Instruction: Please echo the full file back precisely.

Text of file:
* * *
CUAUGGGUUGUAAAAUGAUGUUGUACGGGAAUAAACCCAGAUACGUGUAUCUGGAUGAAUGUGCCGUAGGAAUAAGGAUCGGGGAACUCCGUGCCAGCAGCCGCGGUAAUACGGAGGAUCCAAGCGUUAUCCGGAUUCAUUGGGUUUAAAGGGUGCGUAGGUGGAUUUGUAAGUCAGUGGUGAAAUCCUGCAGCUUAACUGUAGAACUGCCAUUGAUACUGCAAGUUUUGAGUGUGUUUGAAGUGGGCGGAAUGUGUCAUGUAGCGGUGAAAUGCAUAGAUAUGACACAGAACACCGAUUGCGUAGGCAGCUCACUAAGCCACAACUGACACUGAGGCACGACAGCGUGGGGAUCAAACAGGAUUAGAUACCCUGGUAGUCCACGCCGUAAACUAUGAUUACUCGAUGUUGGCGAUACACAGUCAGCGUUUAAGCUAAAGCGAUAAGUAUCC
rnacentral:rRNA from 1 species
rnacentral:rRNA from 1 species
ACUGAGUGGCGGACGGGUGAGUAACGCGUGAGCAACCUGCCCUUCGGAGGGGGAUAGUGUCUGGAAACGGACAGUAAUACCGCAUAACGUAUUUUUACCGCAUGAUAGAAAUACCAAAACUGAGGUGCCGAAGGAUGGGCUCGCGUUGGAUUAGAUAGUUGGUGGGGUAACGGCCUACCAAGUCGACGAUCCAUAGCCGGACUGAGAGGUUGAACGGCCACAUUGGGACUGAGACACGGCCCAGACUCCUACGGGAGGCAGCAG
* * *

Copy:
CUAUGGGUUGUAAAAUGAUGUUGUACGGGAAUAAACCCAGAUACGUGUAUCUGGAUGAAUGUGCCGUAGGAAUAAGGAUCGGGGAACUCCGUGCCAGCAGCCGCGGUAAUACGGAGGAUCCAAGCGUUAUCCGGAUUCAUUGGGUUUAAAGGGUGCGUAGGUGGAUUUGUAAGUCAGUGGUGAAAUCCUGCAGCUUAACUGUAGAACUGCCAUUGAUACUGCAAGUUUUGAGUGUGUUUGAAGUGGGCGGAAUGUGUCAUGUAGCGGUGAAAUGCAUAGAUAUGACACAGAACACCGAUUGCGUAGGCAGCUCACUAAGCCACAACUGACACUGAGGCACGACAGCGUGGGGAUCAAACAGGAUUAGAUACCCUGGUAGUCCACGCCGUAAACUAUGAUUACUCGAUGUUGGCGAUACACAGUCAGCGUUUAAGCUAAAGCGAUAAGUAUCC
rnacentral:rRNA from 1 species
rnacentral:rRNA from 1 species
ACUGAGUGGCGGACGGGUGAGUAACGCGUGAGCAACCUGCCCUUCGGAGGGGGAUAGUGUCUGGAAACGGACAGUAAUACCGCAUAACGUAUUUUUACCGCAUGAUAGAAAUACCAAAACUGAGGUGCCGAAGGAUGGGCUCGCGUUGGAUUAGAUAGUUGGUGGGGUAACGGCCUACCAAGUCGACGAUCCAUAGCCGGACUGAGAGGUUGAACGGCCACAUUGGGACUGAGACACGGCCCAGACUCCUACGGGAGGCAGCAG